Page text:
Social care for older people in particular is teetering on the edge of unsustainability because of the impact of high death rates on occupancy rates and providers’ profits. In 2017, the Competition and Markets Authority stated that ‘[t]he current model of service provision cannot be sustained without additional public funding’. But how far public money can or should be used to support for-profit providers that include private equity firms raises more questions. It is also difficult for any plan for social care to suggest bringing either care homes or staff back into the public sector. Either would prove costly and might risk legal challenge. Yet, the smooth discharge of older people to a well-functioning social care sector is crucial for the NHS and can only become more so as the population ages. A variety of partial solutions have been suggested by parliamentarians, commissions, and think tanks to limit the (sometimes catastrophic) charges for those who are deemed ineligible for state support and who must often sell their homes. These include the use of general taxation, hypothecated taxation or social insurance. Certainly, the measures outlined in the White Paper can only be a small part of any policy approach to the problems of social care.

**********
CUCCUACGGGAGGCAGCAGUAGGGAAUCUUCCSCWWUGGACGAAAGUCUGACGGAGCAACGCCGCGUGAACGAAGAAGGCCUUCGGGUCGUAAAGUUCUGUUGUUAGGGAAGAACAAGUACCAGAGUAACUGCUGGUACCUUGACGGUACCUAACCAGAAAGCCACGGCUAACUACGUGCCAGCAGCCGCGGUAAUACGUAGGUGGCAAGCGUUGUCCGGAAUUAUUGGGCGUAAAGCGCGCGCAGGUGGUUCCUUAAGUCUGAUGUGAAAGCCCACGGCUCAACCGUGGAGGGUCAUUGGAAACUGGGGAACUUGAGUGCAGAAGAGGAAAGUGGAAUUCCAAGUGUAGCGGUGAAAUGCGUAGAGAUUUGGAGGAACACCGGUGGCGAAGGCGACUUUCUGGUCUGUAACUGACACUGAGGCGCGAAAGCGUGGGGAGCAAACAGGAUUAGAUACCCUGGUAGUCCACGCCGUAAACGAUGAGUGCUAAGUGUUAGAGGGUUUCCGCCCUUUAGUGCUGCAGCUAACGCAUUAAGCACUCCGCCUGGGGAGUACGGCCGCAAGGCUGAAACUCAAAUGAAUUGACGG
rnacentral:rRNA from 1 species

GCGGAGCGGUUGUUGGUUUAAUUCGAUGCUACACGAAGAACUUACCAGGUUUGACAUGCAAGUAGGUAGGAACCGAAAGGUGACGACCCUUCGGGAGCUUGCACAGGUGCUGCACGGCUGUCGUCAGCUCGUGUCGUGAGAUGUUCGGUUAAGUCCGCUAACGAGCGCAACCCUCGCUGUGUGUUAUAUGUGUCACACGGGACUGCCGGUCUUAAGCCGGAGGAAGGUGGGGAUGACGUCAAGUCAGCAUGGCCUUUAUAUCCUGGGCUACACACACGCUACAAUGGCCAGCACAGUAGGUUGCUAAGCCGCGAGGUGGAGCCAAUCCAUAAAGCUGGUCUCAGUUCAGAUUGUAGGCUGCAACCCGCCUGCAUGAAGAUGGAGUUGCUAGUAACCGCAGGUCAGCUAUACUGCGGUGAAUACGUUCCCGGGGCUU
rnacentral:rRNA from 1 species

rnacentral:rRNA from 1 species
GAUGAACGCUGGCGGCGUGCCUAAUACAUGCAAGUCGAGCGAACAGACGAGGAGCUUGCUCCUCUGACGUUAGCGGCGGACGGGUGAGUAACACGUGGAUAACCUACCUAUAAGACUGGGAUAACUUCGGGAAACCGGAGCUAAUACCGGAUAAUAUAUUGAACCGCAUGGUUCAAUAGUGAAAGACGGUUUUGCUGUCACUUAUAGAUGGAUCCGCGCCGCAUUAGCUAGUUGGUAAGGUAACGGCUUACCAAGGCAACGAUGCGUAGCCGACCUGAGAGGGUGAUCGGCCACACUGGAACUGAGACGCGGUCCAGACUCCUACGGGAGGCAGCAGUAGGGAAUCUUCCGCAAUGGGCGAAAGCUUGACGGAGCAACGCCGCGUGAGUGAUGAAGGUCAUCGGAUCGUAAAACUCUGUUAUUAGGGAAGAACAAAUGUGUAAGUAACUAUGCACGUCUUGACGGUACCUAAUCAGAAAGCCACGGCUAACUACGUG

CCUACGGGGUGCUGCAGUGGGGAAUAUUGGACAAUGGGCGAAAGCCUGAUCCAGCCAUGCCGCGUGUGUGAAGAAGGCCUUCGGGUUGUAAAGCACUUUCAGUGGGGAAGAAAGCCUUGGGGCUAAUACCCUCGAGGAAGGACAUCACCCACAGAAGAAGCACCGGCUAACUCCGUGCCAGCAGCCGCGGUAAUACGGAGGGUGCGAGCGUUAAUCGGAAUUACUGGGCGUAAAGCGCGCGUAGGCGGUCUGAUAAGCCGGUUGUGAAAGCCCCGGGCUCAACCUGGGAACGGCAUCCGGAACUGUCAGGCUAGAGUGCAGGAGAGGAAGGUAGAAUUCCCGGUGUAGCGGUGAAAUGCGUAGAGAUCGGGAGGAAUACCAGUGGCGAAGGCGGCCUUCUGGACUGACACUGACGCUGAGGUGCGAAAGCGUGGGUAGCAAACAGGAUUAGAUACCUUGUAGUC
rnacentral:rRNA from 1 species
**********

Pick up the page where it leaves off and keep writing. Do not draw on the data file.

The lessons of COVID-19 have shown the importance of being able to reconfigure healthcare and of more extensive collaboration. However, the example of social care shows the difficulties of achieving this when provision is largely privatised and fragmented. The story of the privately provided test, trace, and isolate system with little by way of expert oversight serves to demonstrate the long-established value of strong public health systems. Indeed, the large-scale outsourcing of contracts without competition more generally during the pandemic – notably for personal protective equipment as well as the TTI system – do not make a good case for this becoming the norm.
Jane Lewis is Emeritus Professor of Social Policy at the LSE. Most recently she is the author of The Challenge of Controlling COVID-19: Public Health and Social Care Policy in England during the First Wave (Bristol: Policy Press).